Call it what you will, from cabin fever to the winter blues, nearly all of us can relate to the simple bad mood and diminished energy that comes along with colder months. From a doctor’s perspective, the more serious of these cases is known as Seasonal Affective Disorder, or SAD, hitting hardest during the winter time.
While the exact cause of SAD is yet unknown, it is treated in much the same way as traditional depression — but research is beginning to reveal more insights into SAD, our circadian rhythm, and how our body and brain reacts to levels of light, especially sunlight. Intrinsically Photosensitive Retinal Ganglion Cells, or ipRGCs, is a long term describing signals in the brain that respond to environmental light. This means regulating our pupil reflexes, circadian rhythms, and our mood and energy levels. Scientists believe adults and children dealing with symptoms of Seasonal Affective Disorder may be linked to ipRGCs and the general lack of daylight that’s just par for the course of wintertime.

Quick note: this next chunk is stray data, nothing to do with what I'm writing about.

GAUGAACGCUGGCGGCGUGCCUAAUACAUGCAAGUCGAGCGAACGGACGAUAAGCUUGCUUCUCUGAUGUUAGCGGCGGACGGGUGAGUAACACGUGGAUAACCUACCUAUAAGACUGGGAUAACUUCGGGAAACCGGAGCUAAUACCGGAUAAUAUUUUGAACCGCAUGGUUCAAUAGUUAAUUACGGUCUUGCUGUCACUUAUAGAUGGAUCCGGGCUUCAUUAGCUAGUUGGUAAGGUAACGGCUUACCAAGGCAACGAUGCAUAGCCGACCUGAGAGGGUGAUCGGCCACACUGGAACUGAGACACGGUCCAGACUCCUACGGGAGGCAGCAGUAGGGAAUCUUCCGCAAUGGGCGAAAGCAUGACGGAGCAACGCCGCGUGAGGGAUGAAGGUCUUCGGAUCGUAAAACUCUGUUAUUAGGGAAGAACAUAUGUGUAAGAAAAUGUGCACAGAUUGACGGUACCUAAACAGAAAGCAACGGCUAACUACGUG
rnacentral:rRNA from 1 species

While we don’t yet understand all the moving parts of Seasonal Affective Disorder, technology from bright light therapy to blue-light blocking glasses is helping countless individuals beat the winter blues. This infographic details in the inner working of SAD, available treatments, and the tech that makes it possible.